vague impression

See: hint
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References in classic literature ?
Mr Chester held the bed-curtain farther back, and looked at him with a vague impression that he was some maniac, who had not only broken open the door of his place of confinement, but had brought away the lock.
About all that he saw was her eyes, and then it was with a vague impression that they were blue.
As I was hurried from the carriage it swung open, and I found myself inside the house, with a vague impression of a lawn and trees on each side of me as I entered.
All this time the uncle was dolefully blowing his clarionet in the corner, sometimes taking it an inch or so from his mouth for a moment while he stopped to gaze at them, with a vague impression that somebody had said something.
Newman slowly brought down his eyes and looked at him; he had a vague impression that the young man at the chimney-piece was inclined to irony.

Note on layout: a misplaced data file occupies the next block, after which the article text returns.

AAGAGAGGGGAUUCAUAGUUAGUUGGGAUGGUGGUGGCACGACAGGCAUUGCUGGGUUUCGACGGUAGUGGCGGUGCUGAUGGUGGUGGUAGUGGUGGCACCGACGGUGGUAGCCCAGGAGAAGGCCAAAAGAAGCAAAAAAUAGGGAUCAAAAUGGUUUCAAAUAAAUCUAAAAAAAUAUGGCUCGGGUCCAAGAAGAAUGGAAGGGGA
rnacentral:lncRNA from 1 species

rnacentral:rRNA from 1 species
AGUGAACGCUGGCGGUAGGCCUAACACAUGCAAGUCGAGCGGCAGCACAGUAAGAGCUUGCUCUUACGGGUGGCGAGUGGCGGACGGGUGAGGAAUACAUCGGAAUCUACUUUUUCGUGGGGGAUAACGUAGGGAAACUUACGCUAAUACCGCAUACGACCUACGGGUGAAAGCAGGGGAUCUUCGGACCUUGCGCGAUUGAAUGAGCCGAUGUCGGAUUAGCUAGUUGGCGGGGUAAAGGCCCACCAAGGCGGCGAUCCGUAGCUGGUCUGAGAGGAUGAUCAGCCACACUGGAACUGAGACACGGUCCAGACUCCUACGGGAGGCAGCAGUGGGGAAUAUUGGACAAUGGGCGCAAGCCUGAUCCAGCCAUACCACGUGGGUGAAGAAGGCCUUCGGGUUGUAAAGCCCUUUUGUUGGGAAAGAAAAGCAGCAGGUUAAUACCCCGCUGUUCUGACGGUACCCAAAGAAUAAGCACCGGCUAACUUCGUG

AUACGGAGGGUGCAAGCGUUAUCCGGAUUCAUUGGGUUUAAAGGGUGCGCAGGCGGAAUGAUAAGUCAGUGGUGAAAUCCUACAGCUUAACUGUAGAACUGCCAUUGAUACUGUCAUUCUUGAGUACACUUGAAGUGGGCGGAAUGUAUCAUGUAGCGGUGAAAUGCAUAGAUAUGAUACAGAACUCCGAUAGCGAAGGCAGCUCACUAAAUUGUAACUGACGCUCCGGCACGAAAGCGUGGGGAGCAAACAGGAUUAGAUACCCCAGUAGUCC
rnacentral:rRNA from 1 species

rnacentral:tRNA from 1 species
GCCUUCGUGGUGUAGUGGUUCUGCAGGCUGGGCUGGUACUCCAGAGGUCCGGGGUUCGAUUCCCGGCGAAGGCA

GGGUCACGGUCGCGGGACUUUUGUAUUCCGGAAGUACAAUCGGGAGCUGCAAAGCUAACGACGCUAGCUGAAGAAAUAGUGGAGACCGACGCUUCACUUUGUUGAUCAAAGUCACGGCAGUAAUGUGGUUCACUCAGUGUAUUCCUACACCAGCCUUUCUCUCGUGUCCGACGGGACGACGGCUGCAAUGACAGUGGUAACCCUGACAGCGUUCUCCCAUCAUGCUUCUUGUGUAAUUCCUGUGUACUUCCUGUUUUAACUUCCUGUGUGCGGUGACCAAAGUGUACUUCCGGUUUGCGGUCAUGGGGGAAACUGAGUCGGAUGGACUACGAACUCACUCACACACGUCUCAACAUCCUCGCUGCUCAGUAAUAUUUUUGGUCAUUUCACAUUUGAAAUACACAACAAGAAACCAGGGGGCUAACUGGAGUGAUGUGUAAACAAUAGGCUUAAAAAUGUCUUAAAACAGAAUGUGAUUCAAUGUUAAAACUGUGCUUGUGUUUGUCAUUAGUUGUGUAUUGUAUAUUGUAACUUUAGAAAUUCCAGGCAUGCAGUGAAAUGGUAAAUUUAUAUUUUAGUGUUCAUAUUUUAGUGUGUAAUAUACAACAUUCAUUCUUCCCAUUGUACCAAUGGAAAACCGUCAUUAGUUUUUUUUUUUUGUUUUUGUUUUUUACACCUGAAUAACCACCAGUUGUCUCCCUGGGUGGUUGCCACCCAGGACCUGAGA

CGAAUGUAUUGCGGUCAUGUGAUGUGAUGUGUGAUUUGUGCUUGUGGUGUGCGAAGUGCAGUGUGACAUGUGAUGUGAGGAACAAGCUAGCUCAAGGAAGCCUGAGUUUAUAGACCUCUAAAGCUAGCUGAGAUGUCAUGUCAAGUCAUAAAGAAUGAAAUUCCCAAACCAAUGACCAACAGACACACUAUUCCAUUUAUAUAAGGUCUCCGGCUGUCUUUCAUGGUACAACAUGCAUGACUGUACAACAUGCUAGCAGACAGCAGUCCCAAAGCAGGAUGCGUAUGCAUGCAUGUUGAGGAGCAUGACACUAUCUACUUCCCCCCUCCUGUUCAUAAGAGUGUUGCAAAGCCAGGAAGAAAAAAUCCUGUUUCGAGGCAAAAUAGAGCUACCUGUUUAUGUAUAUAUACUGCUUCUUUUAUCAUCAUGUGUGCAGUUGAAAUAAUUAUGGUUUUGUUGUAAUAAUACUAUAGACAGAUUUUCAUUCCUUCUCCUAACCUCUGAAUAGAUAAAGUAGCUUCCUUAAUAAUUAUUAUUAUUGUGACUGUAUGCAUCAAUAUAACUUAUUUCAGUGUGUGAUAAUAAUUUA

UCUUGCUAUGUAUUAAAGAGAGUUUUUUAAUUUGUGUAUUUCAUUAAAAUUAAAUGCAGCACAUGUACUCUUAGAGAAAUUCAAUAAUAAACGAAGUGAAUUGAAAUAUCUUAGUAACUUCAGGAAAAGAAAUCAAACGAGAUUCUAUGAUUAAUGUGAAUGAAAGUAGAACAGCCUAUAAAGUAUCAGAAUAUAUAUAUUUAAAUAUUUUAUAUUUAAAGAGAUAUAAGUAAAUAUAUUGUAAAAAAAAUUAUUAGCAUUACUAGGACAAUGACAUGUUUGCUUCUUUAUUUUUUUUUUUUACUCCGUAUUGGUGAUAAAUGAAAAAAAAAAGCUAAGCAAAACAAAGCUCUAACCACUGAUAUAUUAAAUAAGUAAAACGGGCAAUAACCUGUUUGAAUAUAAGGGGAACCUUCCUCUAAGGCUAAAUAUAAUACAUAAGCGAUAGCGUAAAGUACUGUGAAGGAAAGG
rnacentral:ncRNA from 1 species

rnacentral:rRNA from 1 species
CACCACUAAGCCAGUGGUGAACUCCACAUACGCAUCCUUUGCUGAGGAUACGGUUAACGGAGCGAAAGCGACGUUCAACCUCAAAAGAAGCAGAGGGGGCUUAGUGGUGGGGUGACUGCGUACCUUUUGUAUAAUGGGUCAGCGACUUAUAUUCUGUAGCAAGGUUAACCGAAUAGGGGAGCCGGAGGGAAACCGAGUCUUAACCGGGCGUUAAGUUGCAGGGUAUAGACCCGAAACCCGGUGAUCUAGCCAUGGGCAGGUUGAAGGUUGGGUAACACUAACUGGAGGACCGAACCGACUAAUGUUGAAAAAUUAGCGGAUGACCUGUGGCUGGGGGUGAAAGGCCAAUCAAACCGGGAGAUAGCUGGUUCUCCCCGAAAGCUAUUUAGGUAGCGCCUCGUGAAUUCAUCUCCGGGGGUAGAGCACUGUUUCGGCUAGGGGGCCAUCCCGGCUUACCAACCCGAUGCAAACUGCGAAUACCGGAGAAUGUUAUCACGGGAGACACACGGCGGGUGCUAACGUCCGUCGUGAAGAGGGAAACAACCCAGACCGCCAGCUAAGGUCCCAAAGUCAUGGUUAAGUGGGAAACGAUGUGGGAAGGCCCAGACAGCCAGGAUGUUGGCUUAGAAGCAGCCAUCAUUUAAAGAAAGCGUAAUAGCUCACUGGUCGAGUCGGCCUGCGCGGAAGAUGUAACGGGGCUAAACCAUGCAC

Horrid, your Wash-up,' replied Grummer, who had a vague impression that there was a smell of rum somewhere.
Even with her ignorance of the world she had a vague impression that the position offered to Will was out of keeping with his family connections, and certainly Mr.
Yet I have a vague impression that as I ran forward something lay upon the ground to the left of me.
Then on the top of these more or less vague impressions there had come the definite and distinct warning of Miss Stapleton, delivered with such intense earnestness that I could not doubt that some grave and deep reason lay behind it.
If any real disadvantage can attach to your position in the mind of any man or woman worth a thought, it is right that you at least of all the world should not magnify it to yourself by having vague impressions of its nature.
In the olden days of Big Brother, even at its most contrived, you at least got the vague impression you were watching some people living out their lives with the ebb and flow of tensions, feuds and allegiances in the group.
Stating that the Costa Concordia is around twice the size of the Titanic gives a vague impression that they were trying to move a large object, but not in any tangible way that can give a direct sense of the scale because none of us have actually seen Titanic.